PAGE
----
By The Washington Post (View source article)
First-time offenders caught with small amounts of heroin, cocaine, methamphetamines and other illegal drugs will face less jail time and smaller fines under a new bill approved by the Oregon legislature that aims to curb mass incarceration.
The Oregon legislature passed a bill late last week that reclassifies possession of several drugs from a felony to a misdemeanor, reducing the punishments and expanding access to drug treatment for people without prior felonies or convictions for drug possession. Oregon lawmakers hope to encourage drug users to seek help rather than filling up the state’s prisons as an epidemic of abuse spreads.
“We are tying to move policy toward treatment rather than prison beds,” said state Sen. Jackie Winters, R, co-chair of the public safety committee and a supporter of the bill. “We can’t continue on the path of building more prisons when often the underlying root cause of the crime is substance use.”
The bill also attempts to reduce racial profiling via data collection and analysis to help police departments understand when their policies or procedures result in disparities.
If signed into law, Oregon would be among just a few states that have reduced punishments for possession of small amounts of some illicit drugs, what some call the “decriminalization” of drug possession. Proponents say the bill marks a significant step toward addressing racial disparities in incarceration that developed as a result of the “war on drugs” approach to crime. The bill reflects a wider trend in which many states struggling to manage the opioid addiction crisis are working to treat drug abuse more as a public health concern than a criminal matter.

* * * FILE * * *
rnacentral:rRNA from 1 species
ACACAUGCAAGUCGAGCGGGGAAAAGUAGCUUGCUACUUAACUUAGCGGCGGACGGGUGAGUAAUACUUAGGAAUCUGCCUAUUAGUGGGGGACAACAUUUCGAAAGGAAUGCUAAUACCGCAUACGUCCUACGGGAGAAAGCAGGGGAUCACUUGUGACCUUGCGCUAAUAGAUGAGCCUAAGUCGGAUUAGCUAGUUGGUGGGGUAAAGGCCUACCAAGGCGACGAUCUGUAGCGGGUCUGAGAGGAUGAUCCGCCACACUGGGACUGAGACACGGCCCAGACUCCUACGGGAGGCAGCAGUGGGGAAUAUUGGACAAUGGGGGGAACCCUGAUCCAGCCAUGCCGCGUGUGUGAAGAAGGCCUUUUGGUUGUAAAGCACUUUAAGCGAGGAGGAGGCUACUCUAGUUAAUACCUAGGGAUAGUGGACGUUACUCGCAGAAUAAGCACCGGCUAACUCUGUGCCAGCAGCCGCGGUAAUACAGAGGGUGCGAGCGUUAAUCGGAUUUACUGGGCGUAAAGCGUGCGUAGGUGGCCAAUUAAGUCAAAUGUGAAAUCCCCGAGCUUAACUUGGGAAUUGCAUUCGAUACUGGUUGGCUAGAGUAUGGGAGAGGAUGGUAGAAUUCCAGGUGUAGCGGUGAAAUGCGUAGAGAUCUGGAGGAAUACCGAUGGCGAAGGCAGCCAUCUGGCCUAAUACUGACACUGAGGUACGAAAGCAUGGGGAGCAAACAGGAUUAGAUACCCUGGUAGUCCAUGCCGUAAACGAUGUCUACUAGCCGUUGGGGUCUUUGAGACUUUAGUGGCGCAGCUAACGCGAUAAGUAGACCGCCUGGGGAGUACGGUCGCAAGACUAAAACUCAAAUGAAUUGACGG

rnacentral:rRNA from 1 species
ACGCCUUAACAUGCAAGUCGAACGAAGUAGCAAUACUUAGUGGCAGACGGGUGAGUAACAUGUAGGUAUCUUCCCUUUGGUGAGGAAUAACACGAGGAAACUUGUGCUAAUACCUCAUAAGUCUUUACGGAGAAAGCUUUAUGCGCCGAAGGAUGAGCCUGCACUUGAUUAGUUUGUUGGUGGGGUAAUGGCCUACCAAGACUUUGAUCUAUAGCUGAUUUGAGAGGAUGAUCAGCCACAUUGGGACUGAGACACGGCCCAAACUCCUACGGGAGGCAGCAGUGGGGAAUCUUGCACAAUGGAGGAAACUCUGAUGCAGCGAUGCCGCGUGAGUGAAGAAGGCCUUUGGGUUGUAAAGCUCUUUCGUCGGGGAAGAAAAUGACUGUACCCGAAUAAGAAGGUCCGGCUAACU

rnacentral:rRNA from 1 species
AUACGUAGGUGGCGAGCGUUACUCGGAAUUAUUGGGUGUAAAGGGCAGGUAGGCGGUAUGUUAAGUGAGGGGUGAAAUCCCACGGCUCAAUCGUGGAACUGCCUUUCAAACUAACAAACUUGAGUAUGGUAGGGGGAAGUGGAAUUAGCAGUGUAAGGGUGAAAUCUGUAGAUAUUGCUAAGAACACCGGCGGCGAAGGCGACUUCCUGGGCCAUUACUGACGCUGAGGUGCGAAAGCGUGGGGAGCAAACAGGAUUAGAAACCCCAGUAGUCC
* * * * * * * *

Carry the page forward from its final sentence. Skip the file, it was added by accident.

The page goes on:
In Oregon, several law enforcement agencies worked with lawmakers to craft portions of the bill.
“Too often, individuals with addiction issues find their way to the doorstep of the criminal justice system when they are arrested for possession of a controlled substance,” Kevin Campbell, executive director of the Oregon Association Chiefs of Police, wrote in a letter of support for the bill. “Unfortunately, felony convictions in these cases also include unintended and collateral consequences including barriers to housing and employment and a disparate impact on minority communities.”
Despite garnering support from law enforcement agencies and advocacy groups, the majority of Republicans in both the House and Senate voted against the bill, as did some Democrats.